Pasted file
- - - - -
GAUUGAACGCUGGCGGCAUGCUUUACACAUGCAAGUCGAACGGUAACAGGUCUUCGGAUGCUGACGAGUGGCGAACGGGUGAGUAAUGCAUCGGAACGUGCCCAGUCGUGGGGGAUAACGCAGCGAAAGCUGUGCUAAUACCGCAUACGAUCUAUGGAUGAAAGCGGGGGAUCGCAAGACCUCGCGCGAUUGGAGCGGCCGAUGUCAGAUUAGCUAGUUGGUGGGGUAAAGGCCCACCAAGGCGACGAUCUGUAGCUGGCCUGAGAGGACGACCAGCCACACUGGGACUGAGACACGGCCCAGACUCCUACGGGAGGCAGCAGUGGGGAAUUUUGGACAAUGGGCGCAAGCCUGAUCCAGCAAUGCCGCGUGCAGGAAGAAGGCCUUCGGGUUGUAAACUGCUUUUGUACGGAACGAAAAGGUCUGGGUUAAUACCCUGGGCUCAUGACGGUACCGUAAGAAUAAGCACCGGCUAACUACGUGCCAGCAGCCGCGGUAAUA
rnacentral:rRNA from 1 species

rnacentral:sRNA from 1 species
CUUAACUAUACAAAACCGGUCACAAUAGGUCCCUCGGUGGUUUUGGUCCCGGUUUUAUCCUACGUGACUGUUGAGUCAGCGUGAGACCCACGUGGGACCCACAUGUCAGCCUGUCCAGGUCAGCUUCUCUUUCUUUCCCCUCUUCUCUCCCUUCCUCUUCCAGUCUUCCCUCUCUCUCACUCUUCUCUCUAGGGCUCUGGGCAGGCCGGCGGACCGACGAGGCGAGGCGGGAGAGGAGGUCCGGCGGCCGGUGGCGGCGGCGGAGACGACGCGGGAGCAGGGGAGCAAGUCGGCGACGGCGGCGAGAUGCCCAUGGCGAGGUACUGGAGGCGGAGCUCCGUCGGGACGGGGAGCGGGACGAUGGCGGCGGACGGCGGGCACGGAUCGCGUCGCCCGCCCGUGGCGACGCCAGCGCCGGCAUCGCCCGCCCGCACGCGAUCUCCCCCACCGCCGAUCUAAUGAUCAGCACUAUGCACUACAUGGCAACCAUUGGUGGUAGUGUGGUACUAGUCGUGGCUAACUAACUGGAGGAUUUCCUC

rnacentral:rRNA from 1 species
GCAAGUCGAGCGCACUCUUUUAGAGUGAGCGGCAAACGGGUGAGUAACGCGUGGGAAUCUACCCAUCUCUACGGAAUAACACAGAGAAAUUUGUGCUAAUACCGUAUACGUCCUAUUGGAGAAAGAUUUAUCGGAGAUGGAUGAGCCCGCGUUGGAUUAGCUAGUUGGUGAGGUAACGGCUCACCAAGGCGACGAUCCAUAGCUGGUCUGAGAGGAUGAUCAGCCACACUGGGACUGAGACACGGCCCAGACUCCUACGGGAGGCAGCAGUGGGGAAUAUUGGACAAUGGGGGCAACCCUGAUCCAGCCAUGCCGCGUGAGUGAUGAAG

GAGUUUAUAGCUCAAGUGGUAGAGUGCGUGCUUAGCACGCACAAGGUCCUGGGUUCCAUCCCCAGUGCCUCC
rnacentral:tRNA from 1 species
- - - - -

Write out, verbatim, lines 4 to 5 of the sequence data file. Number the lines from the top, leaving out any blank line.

CUUAACUAUACAAAACCGGUCACAAUAGGUCCCUCGGUGGUUUUGGUCCCGGUUUUAUCCUACGUGACUGUUGAGUCAGCGUGAGACCCACGUGGGACCCACAUGUCAGCCUGUCCAGGUCAGCUUCUCUUUCUUUCCCCUCUUCUCUCCCUUCCUCUUCCAGUCUUCCCUCUCUCUCACUCUUCUCUCUAGGGCUCUGGGCAGGCCGGCGGACCGACGAGGCGAGGCGGGAGAGGAGGUCCGGCGGCCGGUGGCGGCGGCGGAGACGACGCGGGAGCAGGGGAGCAAGUCGGCGACGGCGGCGAGAUGCCCAUGGCGAGGUACUGGAGGCGGAGCUCCGUCGGGACGGGGAGCGGGACGAUGGCGGCGGACGGCGGGCACGGAUCGCGUCGCCCGCCCGUGGCGACGCCAGCGCCGGCAUCGCCCGCCCGCACGCGAUCUCCCCCACCGCCGAUCUAAUGAUCAGCACUAUGCACUACAUGGCAACCAUUGGUGGUAGUGUGGUACUAGUCGUGGCUAACUAACUGGAGGAUUUCCUC

rnacentral:rRNA from 1 species